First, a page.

Based on extensive new research investigating the range of women’s involvement in early nineteenth-century popular politics, mid-Victorian reform and the women’s movements of the late century, Women and the People makes an original intervention in the historiography of the radical tradition by exploring the interconnections of populism, liberalism and feminism. Attending to authorship, the study argues that the representational forms adopted by radicals were as important as the content of what they said in shaping their self-perception, their construction of others, and the reception of their ideas. In fiction, poetry and autobiography, as well as in political writing, speeches and journalism, women reworked radical conventions and imagined new models of political identity, participation and authority. Though, in general, radicals appealed to ’the people’, women were often positioned as the suffering objects of reform rather than as the agents of change. By showing how they challenged or reinforced these conceptions of ’women’ and ’the people’, the book contends that radical women invoked alternative communities of sex, class and nation, and helped to remake and discipline the political sphere, as they strove to make it their own.
'… no-one who seeks henceforward to consider the significance of class or of gender for understanding nineteenth century radical politics will be able to do so adequately without engaging with this important book.' Nineteenth Century Contexts '… Helen Rogers' Women and the People [is] the most important work in this area since Anna Clark's The Struggle for the Breeches (1995)… the book can be recommended as a serious attempt to build a sophisticated cultural history that allows for the agency of representation but also reconstructs the material reality of everyday life in the past.' Gender & History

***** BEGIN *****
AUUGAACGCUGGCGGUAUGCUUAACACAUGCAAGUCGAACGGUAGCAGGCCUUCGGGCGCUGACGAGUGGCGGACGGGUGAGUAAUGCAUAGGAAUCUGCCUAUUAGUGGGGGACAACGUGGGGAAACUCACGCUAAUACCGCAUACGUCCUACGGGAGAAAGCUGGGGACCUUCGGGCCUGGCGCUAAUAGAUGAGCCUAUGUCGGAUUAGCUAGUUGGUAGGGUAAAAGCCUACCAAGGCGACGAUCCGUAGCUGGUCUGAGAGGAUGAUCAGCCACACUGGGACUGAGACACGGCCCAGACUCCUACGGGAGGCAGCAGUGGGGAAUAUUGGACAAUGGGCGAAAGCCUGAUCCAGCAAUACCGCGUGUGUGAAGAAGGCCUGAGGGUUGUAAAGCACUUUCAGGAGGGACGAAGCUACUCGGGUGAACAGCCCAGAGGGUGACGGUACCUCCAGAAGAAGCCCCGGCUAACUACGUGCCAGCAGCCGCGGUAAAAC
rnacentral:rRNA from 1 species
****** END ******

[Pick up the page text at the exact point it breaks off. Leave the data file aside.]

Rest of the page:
Contents: Women and the people: re-making the radical tradition; A leader of the people: Eliza Sharples and the radical platform, 1832-52; Women of the people: influence and force in the Chartist movement, 1838-48; Serving the people: feminist writers and the politics of improvement, 1830-50; The daughters of the people: representing the needlewomen, 1841-64; The people and the outcast: the Repeal movement and the battle for Liberalism, 1870-74; Of the common people: the dimensions of a radical life, Mary Smith, 1822-89; Beyond the people? Reconfiguring the radical tradition; Bibliography; Index.